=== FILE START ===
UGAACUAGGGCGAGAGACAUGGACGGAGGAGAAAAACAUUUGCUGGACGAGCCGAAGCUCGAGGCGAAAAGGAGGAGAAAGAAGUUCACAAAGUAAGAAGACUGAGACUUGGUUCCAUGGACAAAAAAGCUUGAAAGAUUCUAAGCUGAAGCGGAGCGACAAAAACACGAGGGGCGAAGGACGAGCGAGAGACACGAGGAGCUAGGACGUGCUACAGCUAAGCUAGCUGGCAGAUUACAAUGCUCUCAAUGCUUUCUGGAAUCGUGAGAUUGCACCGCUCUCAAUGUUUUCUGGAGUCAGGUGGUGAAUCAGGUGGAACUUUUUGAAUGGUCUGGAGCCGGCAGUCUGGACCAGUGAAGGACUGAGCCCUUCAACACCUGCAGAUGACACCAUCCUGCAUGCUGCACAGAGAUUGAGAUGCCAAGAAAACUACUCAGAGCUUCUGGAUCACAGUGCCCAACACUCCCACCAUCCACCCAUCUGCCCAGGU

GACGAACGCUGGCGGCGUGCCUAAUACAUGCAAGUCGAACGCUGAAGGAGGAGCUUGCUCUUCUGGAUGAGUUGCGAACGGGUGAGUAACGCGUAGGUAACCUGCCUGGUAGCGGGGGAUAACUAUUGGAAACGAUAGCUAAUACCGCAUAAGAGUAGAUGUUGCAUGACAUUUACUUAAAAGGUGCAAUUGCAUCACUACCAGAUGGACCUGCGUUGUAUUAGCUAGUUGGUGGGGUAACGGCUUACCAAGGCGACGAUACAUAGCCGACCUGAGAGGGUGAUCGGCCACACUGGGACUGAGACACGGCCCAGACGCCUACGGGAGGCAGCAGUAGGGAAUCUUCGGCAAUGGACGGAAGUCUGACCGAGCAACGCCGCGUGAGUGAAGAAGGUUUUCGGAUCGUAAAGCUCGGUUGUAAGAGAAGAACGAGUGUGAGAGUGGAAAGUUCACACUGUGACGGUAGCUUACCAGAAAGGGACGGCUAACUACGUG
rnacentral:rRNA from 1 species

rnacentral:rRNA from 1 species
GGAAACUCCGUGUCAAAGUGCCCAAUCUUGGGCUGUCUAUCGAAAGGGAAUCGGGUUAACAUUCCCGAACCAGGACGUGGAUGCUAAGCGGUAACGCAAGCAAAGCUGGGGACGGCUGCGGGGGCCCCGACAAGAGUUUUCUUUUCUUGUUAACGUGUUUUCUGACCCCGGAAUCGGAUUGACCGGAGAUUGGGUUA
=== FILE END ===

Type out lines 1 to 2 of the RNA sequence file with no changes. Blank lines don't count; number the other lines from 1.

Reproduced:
UGAACUAGGGCGAGAGACAUGGACGGAGGAGAAAAACAUUUGCUGGACGAGCCGAAGCUCGAGGCGAAAAGGAGGAGAAAGAAGUUCACAAAGUAAGAAGACUGAGACUUGGUUCCAUGGACAAAAAAGCUUGAAAGAUUCUAAGCUGAAGCGGAGCGACAAAAACACGAGGGGCGAAGGACGAGCGAGAGACACGAGGAGCUAGGACGUGCUACAGCUAAGCUAGCUGGCAGAUUACAAUGCUCUCAAUGCUUUCUGGAAUCGUGAGAUUGCACCGCUCUCAAUGUUUUCUGGAGUCAGGUGGUGAAUCAGGUGGAACUUUUUGAAUGGUCUGGAGCCGGCAGUCUGGACCAGUGAAGGACUGAGCCCUUCAACACCUGCAGAUGACACCAUCCUGCAUGCUGCACAGAGAUUGAGAUGCCAAGAAAACUACUCAGAGCUUCUGGAUCACAGUGCCCAACACUCCCACCAUCCACCCAUCUGCCCAGGU

GACGAACGCUGGCGGCGUGCCUAAUACAUGCAAGUCGAACGCUGAAGGAGGAGCUUGCUCUUCUGGAUGAGUUGCGAACGGGUGAGUAACGCGUAGGUAACCUGCCUGGUAGCGGGGGAUAACUAUUGGAAACGAUAGCUAAUACCGCAUAAGAGUAGAUGUUGCAUGACAUUUACUUAAAAGGUGCAAUUGCAUCACUACCAGAUGGACCUGCGUUGUAUUAGCUAGUUGGUGGGGUAACGGCUUACCAAGGCGACGAUACAUAGCCGACCUGAGAGGGUGAUCGGCCACACUGGGACUGAGACACGGCCCAGACGCCUACGGGAGGCAGCAGUAGGGAAUCUUCGGCAAUGGACGGAAGUCUGACCGAGCAACGCCGCGUGAGUGAAGAAGGUUUUCGGAUCGUAAAGCUCGGUUGUAAGAGAAGAACGAGUGUGAGAGUGGAAAGUUCACACUGUGACGGUAGCUUACCAGAAAGGGACGGCUAACUACGUG